Colleges need to pay athletes for their commitment


Christian Gluth, Midway Reporter

As the No. 1 team in college basketball on Feb. 20, 2019, the Duke Blue Devils hosted their bitter in-state rivals, the No. 8-ranked North Carolina Tar Heels. The cheapest tickets neared Super Bowl prices, listed at over $2,500. The main attraction: the jump-out-of-the-gym, 6-foot-7, Duke phenom Zion Williamson.

About 30 seconds in, Williamson stopped at the top of the key after bailing on a drive to the basket. As he pivoted 180 degrees to pass the ball to his teammate, the torque from the turn forced his foot to rip through his shoe. The awkwardness of the action forced him to collapse to the ground, grabbing his knee along the way. Although only a minor knee sprain, it physically goes to show the risk that a sports prospect is forced to put forth without being paid, leading Williamson to question whether it is worth it to play in Durham again.

College athletes should be financially compensated for the value they bring their universities in exchange for hours of hard work that generates millions of dollars — including massive salaries for the coaches and athletic administrators. For athletes who pour their lives into basketball, like Williamson, it would make sense to be appropriately rewarded for the time, effort and risk they put into a sport that may have lifetime consequences to their health. Certainly, nobody at Duke University would challenge the concept of undergraduate finance major earning cash while playing the stock market or working as an intern at a bank.

Yet student athletes are prohibited from similarly profiting financially from within their athletic field of interest. If student athletes got paid, it might allow them to stay longer at their school to complete their education, as they would likely be less eager to leave school and chase money in professional sports.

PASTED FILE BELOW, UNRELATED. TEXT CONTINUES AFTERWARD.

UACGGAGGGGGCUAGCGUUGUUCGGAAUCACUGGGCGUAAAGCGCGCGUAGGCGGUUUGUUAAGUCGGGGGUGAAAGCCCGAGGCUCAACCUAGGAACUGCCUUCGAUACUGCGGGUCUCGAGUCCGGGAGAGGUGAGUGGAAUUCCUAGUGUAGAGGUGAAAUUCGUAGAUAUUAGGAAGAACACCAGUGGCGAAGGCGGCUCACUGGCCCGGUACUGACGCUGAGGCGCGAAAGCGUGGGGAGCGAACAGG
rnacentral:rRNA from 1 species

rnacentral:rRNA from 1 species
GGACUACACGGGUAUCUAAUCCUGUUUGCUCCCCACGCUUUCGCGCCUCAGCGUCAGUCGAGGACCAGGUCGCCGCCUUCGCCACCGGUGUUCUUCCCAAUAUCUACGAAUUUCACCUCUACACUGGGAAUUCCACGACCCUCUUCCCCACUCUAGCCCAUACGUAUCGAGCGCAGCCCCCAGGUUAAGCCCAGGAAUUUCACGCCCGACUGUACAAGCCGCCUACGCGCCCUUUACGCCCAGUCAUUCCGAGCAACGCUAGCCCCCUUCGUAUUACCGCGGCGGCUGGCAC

What’s stopping the National Collegiate Athletic Association from distributing some of the approximately $8 billion generated each year from athletics to the players who generate it? The NCAA claims that imbalanced salaries could corrupt the spirit of college sports. To solve this, they could pay players a share of revenue based on their value to their program. Granting athletes marketing rights to their own images and allowing high-profile athletes to sign marketing deals with sports apparel companies would stop unethical usage and manipulation of an athlete’s likeness. Preventing unfairness would include distributing a stipend of earnings above and beyond the cost of school tuition and attendance to include spending money, as well as developing a program to provide long-term health expense coverage for athletic-related injuries. These methods would could be feasible and fair as long as there is a minimum and a cap to the amount a player could be paid that is transparent to all parties involved.   

With March Madness approaching and still no re-appearance of Zion Williamson, other players could be more inclined to follow along their pathway rather than risk injury. The National Basketball Association is considering dropping the age limit to allow players to go pro straight from high school. March Madness could lose attention and its magic if talented players stop playing college basketball.